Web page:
Luton Weight Loss Services
Weight loss, in the context of medicine, health, or physical fitness, refers to a reduction of the total body mass, due to a mean loss of fluid, body fat or adipose tissue or lean mass, namely bone mineral deposits, muscle, tendon, and other connective tissue. Weight loss can either occur unintentionally due to malnourishment or an underlying disease or arise from a conscious effort to improve an actual or perceived overweight or obese state. “Unexplained” weight loss that is not caused by reduction in calorific intake or exercise is called cachexia and may be a symptom of a serious medical condition. Intentional weight loss is commonly referred to as slimming.
WEIGHT LOSS is not just about your diet plan, it is also about when you eat – and eating at the wrong times can cause you to pile on the pounds.
Weight loss is affected by the time that you eat your food, not just the diet plan that you choose to follow.
Do you know when you should be eating your main meals to shed the pounds effortlessly?
Endocrine disrupting chemicals in mixture and obesity, diabetes and related metabolic disorders
Obesity and associated metabolic disorders represent a major societal challenge in health and quality of life with large psychological consequences in addition to physical disabilities. They are also one of the leading causes of morbidity and mortality. Although, different etiologic factors including excessive food intake and reduced physical activity have been well identified, they cannot explain the kinetics of epidemic evolution of obesity and diabetes with prevalence rates reaching pandemic proportions. Interestingly, convincing data have shown that environmental pollutants, specifically those endowed with endocrine disrupting activities, could contribute to the etiology of these multifactorial metabolic disorders.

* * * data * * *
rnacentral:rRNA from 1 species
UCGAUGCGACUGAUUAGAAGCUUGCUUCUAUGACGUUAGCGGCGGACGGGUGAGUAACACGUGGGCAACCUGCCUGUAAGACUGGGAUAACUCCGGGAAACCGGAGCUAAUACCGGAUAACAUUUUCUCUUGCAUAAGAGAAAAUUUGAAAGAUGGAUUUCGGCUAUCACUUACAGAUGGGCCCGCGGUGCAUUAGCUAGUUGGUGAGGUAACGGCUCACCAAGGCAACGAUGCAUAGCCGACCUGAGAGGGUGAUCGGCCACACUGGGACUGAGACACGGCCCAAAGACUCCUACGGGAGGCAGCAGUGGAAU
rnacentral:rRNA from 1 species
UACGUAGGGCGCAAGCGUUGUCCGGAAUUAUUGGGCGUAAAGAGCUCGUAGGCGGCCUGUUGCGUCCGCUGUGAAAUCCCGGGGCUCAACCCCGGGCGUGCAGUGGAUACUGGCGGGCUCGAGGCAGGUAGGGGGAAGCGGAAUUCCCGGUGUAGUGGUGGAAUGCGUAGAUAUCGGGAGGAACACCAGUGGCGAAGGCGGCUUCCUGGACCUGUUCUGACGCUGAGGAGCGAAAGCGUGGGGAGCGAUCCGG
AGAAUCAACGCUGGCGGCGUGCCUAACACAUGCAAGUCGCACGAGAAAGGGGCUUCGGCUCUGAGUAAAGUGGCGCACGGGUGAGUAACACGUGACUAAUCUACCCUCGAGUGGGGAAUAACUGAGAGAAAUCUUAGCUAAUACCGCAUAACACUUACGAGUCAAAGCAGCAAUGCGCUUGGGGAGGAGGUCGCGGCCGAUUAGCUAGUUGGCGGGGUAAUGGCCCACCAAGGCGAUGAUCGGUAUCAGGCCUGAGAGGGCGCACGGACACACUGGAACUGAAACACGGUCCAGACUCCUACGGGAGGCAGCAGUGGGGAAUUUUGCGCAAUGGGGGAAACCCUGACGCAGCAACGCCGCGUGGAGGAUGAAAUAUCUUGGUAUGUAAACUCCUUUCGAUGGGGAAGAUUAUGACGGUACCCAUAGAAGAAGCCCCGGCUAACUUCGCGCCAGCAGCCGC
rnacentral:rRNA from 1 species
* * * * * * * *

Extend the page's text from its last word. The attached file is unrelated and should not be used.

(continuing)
Regulation of energy metabolism relies on the integrated action of a large number of hormones operating centrally to control food behavior and peripherally to maintain glycaemia at a physiological range whilst covering energy demands. It both involves insulin secretion from pancreas and responsiveness to insulin by the metabolically active tissues (liver, muscle and adipose tissues) in response to food intake that elevates blood glucose. In addition to insulin, other hormones (and their corresponding high-affinity receptors) are involved in energy metabolism. They include, but are not limited to, glucocorticoids, thyroid hormone, leptin and adiponectin, gut hormones (such as ghrelin and Glucagon-like peptide 1 or GLP1), the growth hormone and the sexual hormones estrogen/androgen, energy metabolism being highly sexually marked with sex-dimorphic insulin sensitivity, eating behavior, distribution of fat, etc. The protective role of estrogens against metabolic disturbances has been well demonstrated conferring positive metabolic adaptations to women.